Meanwhile, we are back in that stellar year 2022 when I got to experience Corinne Winters as Giorgetta and Suor Angelica. This was a production of Il trittico at La Monnaie Brussels. Due to the Covid epidemic the premiere was sung by a colleague but fortunately I was in the audience for the last performance and she totally lived up to my expectations.


Those Puccini heroines were all role debuts and right after followed another: Jenufa in the opera of the same name. This was a production by Tatjana Gürbaca in Geneva, where Winters would return later in the year for Gürbaca’s Katia Kabanova. That it would become her signature role has been proven by now, especially after her debut as Katia at the Salzburg Festival where she was so very successful. We will surely see her there more often in the future, be it not in 202

Kat’a Kabanóva:

Jenufa:

:



The year ended with Les dialogues des Carmélites in Rome. She sang Blanche de la Force there in a production by Emma Dante, and with great success. Jenufa is scheduled for januari 2023 in Valencia but since she was already there she had to jump in last minute as Mimi in La Bohème at the end of December ’22. This lady is a real jack of all trades and although Katia has become her calling card, I hope that in the future she will give us many more performances of all the other roles in her repertoire: Yolanthe, Tatjana, Fiordiligi, Desdemona and so on.

Les dialogues des Carmélites;



When asked, she was able to tell on her fanpage that a DVD of Katia in Salzburg will probably be released in due course: ‘stay tuned’. That is something to look forward to and in the meantime, of course, there are those recordings with her Mélisande, Fiordiligi and Halka. Corinne Winters has made it all the way and that is worth some heartfelt congratulations.

Mado Robin: the eighth world wonder?

The French coloratura soprano, born on 29 December 1918 in Yzeures=sur-Creuse  could actually be considered the eighth world wonder.
Her voice was of the soubrette type with a very pleasant girlish timbre and her coloratura technique more than sublime, but there was more: her high notes were extremely high. With her voice she not only reached the F4, but even had the C4 within her reach without any problems, one of the highest notes ever sung by a human voice

.

All her high notes in a row, with the description:

She was star of television and radio in the 1950s the fifties,  was a very celebrated radio and TV star in France, but her fame reached far beyond her national borders. She celebrated her greatest triumphs as Lakmé and Leïla (Pearl Fishers), but her Lucia and Olympia were also proverbial.

Mado Robin hits C7 Lucia di Lammermoor:

Gounod’s Mireille is not really a role we would expect from her, but it fits wonderfully well with her childishly naive timbre. I enjoyed these fragments the most, much more than her Lucia and Bellinis.

Kind of Top Ten 2022

First of all, my apologies: this year I have hardly posted any new reviews. This was for personal reasons

 I was forced to limit myself to translations but  I did a lot of portraits of singers who deserved to be featured again.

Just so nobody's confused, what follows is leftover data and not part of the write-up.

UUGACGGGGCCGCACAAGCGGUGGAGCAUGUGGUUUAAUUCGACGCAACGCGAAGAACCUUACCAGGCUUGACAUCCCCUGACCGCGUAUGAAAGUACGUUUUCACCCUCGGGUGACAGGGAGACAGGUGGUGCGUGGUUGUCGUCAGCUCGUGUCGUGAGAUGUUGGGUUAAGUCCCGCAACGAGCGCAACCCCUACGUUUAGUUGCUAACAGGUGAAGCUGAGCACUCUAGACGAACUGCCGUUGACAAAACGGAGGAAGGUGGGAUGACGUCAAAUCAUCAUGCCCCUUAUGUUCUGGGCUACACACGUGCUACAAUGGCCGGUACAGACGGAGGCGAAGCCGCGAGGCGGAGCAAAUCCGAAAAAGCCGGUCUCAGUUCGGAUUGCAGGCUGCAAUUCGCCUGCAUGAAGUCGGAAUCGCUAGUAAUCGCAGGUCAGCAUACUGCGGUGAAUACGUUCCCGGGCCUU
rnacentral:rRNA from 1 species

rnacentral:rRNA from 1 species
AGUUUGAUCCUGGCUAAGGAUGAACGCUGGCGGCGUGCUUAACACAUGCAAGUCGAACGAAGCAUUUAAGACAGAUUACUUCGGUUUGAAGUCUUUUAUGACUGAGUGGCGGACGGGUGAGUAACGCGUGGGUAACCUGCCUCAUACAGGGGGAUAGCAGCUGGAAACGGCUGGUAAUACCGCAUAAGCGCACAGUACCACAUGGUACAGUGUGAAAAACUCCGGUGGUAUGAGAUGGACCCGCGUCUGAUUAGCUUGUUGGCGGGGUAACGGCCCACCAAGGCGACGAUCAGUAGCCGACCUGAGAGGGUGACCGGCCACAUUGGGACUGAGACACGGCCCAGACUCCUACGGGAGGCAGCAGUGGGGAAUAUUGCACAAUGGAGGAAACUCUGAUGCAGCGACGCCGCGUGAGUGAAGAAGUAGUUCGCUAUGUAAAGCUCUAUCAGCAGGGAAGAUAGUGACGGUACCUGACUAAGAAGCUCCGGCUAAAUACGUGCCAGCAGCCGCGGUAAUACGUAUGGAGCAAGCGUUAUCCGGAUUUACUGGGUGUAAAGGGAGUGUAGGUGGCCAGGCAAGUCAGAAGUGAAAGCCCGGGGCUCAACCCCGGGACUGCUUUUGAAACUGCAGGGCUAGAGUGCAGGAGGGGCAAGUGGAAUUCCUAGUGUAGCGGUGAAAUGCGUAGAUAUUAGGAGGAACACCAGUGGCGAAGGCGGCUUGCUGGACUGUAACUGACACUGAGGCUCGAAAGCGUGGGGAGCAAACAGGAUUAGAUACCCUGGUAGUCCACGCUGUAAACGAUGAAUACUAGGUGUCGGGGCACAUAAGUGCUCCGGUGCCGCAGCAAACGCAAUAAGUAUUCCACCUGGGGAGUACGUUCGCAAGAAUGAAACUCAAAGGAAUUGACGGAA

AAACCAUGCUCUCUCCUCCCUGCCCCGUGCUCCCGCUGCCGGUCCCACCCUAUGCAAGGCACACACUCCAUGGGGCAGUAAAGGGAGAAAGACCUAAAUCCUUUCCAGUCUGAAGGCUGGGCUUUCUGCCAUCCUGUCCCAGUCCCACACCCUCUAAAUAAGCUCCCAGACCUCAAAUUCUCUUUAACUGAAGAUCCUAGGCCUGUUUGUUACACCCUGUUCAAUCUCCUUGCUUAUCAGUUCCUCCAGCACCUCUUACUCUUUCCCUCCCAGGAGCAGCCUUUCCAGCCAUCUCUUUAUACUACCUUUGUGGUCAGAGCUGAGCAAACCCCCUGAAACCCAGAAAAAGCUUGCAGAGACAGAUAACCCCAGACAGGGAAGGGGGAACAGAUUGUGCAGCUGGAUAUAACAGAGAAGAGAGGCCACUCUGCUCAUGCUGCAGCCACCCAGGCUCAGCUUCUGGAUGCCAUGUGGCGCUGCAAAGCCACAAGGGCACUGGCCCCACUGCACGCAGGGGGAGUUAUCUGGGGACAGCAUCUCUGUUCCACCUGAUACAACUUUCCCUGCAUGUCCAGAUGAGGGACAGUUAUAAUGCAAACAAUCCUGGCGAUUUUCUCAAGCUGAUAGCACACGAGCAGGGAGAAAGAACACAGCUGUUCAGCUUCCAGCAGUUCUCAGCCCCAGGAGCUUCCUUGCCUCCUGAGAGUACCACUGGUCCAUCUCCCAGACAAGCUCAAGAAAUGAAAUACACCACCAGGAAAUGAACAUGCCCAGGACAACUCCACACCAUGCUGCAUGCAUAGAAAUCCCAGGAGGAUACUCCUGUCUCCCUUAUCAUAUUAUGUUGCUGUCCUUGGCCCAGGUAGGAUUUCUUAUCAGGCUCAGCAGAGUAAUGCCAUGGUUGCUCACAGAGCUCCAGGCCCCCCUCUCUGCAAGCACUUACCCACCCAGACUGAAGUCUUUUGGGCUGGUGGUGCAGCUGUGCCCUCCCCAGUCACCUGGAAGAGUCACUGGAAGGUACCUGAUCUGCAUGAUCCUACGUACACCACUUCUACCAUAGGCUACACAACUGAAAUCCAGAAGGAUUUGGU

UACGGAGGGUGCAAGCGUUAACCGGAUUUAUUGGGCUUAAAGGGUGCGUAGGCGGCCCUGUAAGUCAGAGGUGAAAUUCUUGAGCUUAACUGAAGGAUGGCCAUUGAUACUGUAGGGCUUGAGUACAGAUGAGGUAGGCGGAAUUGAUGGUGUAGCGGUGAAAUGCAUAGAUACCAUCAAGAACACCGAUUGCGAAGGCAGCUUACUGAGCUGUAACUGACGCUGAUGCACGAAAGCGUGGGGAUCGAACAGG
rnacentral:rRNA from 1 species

Renata Scotto had her birthday on 24 February


Renata Scotto, ‘la mia Divina Assoluta’ made her opera debut at the age of eighteen as Violetta (La Traviata). Her ‘official’ debut was the next day in Milan. Shortly afterwards, she sang Madama Butterfly in Savona.

Geraldine Farrar 28 February

In 1915, Cecil B. DeMille filmed the opera again, this time with Geraldine Farrar as the man-eating gypsy. Now, Farrar was not only one of the greatest sopranos and MET legends of the early 20th century, her beautiful appearance and excessive acting talent also enabled her to build a career as a Hollywood actress.

Beverly Sills was born on 25 May

Beverly Sills was born in Brooklyn as Belle Miriam Silverman. Her parents were Jewish immigrants from Odessa and Bucharest. As a child, she spoke Yiddish, Russian, Romanian, French and English. Although she had an enormous repertoire, that ranged from Handel and Mozart to Puccini, Massenet and Verdi, she was best known for her interpretations of coloratura soprano roles. Her radiant high D’s and E-flats sounded seemingly effortless and natural.

José Carreras became  76 at 5th December

About just few of his many roles

Sara Scuderi was born 11 December

Scuderi sang in the most important theatres of the day, both in Italy and abroad, most notably in the Netherlands! She had a contract at La Scala where she received high praise for her interpretations of the most well-known operas.

Rita Streich 18 december

High coloratura soprano is one of the most admired voice types. It’s only logical, because what these ladies do falls a bit into the category of “nightingale on a trapeze”.

And November 22th it was  it was  five years that Dmitri Hvorostovsky died, only 60 years old

But, but…. I made an article about King David and music

King David…. One of the Bible’s most inspiring and appealing personalities. But did he really exist? We live in a time when all sorts of things are being doubted, and that is alright.

And in Dutch

A few words about Sara Scuderi on her birthday


Sara Scuderi was born on December 11, 1906. She sang widely in Italy and Europe, most notably in the Netherlands! She had a contract at La Scala where she received high praise for her interpretations of the most well-known operas.